With both poles broken now, I was forced to take a closer look at what was causing this to happen. After all, everything worked fine the last 2 nights I slept in the hammock using the same setup. The problem ended up being that I made the spreader poles too wide. I measured the existing spreader poles at home, but never made any markings on the trekking poles to indicate the correct length. I really didn’t think it would be an issue if either pole was an inch or two too long or short, but it makes all the difference. I made the poles too wide, which made the angle at which the pole tips sit in the metal brackets on the rigging lines off enough to put a tension on the tips, snapping them off.

I saw a deer grazing a few hundred feet away as I got my fire lit that evening. The sky cleared and the stars were out again as the sun set. I was nervous about my hammock holding up for the night, and the rest of the trip for that matter, as I hopped into bed.

 

Day 3 – Saturday August 15th, 2015

Miles Hiked – 10.3
Route –  Yellowstone Creek campsite below Anderson Pass to Milk Lake

Day 3 Map

My trekking poles held up through the night with no issues, thankfully. When I woke up this morning though, the sky was pretty cloudy and it looked like it was building. Since the weather looked so bad I didn’t want to head off to Anderson Pass and get caught on top during a lightning storm, so I waited. This was really threatening my Summit attempt of King’s Peak as well. Fortunately, the clouds broke some after about an hour and I decided to break camp.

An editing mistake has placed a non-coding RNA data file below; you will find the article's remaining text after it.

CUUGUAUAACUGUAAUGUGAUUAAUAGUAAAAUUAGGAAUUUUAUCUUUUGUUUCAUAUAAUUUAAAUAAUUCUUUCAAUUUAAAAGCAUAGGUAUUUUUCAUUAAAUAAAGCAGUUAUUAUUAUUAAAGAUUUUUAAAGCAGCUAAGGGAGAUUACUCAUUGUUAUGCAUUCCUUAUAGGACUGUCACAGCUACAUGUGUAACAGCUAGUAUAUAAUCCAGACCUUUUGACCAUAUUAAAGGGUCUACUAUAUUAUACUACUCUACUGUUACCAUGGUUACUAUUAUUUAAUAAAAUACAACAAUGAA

crest of the uintas mountains view in the uintas wilderness

This is basically the crest of the Uintas Mountains, running east and west through the northern end of Upper Yellowstone Basin

panoramic view of yellowstone absin

Immediately after leaving camp the trail heads uphill for a while. I couldn’t believe it to be honest, but the clouds kept dissipating, revitalizing my mood. It wasn’t long before blue skies were the majority. Soon the treeline was below and I was on the final “shelf” leading up to Anderson Pass. Looks like I may be able to summit King’s Peak after all!

anderson pass trail view of upper yellowstone basin

Looking back at upper Yellowstone Basin from the trail up Anderson Pass

hiking up anderson pass

The trail up Anderson Pass from Yellowstone Basin

panoramic view of king's peak and south kings peak in the high uintas wilderness, utah

King’s Peak & South King’s Peak